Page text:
Proposed restrictions on electronic cigarette use and sales throughout Pierce County over health concerns have drawn dozens of responses since their Sept. 18 introduction by the Tacoma-Pierce County Health Department.
About 40 people, mostly e-cigarette store owners and other advocates of “vaping,” turned up at a health department hearing Wednesday night — delayed to account for crawling traffic and road closures related to China President Xi Jinping’s visit to nearby Lincoln High School — to describe their concerns over bringing vapor products into line with Washington’s smoking in public places law.
“Vaping is the cure to smoking that everybody has been trying to get for decades,” said Andy Diamond, who lives in Lakewood and owns an Olympia vapor-products shop.
The Health Department’s proposal would create rules governing e-cigarettes similar to those that curtail cigarette smoking. They include licensing, forbidding minors from possessing vapor products and restricting “vape shops” from allowing anyone to sample products in stores.
Never miss a local story.
“If you’re in the business of selling tobacco products and you’re also selling vapor products, you’re going to see a very similar set of rules and regulations,” attorney Gregory A. Jacoby, who advises the Health Department’s governing board, told the crowd.
Only one Health Department board member attended the public meeting, but the board is taking written comments until Oct. 19. The wave of comments from those who showed up Wednesday was largely critical of the proposal. As occurred in Olympia in March when the Legislature took comments on e-cigarette legislation, vaping supporters used Twitter and Facebook messages to boost turnout in hopes they could turn back proposed restrictions.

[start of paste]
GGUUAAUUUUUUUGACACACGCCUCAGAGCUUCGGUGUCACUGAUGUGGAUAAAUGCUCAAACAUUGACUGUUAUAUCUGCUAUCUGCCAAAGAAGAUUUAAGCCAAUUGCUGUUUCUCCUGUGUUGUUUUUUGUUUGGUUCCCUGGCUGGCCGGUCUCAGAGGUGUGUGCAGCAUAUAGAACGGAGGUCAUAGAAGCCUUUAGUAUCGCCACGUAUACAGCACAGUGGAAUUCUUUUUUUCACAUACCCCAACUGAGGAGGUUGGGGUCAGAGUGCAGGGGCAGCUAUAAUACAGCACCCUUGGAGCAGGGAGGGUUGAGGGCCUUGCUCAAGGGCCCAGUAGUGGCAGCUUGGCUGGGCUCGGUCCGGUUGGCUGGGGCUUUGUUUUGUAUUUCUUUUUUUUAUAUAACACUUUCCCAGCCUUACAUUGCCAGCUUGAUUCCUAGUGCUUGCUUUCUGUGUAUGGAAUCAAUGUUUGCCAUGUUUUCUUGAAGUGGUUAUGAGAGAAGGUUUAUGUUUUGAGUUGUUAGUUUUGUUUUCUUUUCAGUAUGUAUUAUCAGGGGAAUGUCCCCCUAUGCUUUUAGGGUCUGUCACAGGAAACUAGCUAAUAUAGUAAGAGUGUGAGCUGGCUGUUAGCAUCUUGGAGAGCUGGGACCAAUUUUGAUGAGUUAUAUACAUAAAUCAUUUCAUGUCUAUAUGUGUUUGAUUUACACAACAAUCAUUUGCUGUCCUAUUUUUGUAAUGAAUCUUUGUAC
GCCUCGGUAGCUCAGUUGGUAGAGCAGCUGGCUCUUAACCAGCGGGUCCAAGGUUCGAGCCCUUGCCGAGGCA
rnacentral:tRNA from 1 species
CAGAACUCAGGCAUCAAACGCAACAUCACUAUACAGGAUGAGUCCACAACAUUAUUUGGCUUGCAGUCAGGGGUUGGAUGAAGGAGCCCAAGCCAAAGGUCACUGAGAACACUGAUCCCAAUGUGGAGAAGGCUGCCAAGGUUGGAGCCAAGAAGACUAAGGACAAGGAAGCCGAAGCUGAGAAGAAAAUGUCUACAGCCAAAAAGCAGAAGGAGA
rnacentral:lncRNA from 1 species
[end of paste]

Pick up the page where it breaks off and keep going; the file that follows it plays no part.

That strategy found success at the state level. Bills backed by Gov. Jay Inslee and Attorney General Bob Ferguson to impose rules on vaping never made it to the floor of the House or Senate during this year’s thrice-extended legislative session, though legislators expressed concerns over how e-cigarette sellers had used discounts and giveaways to rally support.
Beyond the Wednesday meeting, Health Department officials have met with approximately 15 organizations about the proposed rules, including youth groups, treatment centers and the vaping industry, spokeswoman Edie Jeffers said. Eleven of 15 school districts contacted by the Health Department listed e-cigarette use as a top concern, Jeffers said. She also said the board expects more public comment on the issue at its Oct. 7 meeting and plans to vote on e-cigarette regulations by Nov. 18.
Roy Braunstein, a self-described “avid vaper” from Tacoma and vapor-products vendor, said the e-cigarette industry has become established enough in Pierce County to withstand restrictions. Like many of the pro-vaping speakers, he criticized the proposal to curb in-store sampling.
“We’re resilient,” he said. “You’re not going to kill us, but you’ll make it hard for us to establish relationships with people who should be vaping instead of smoking.”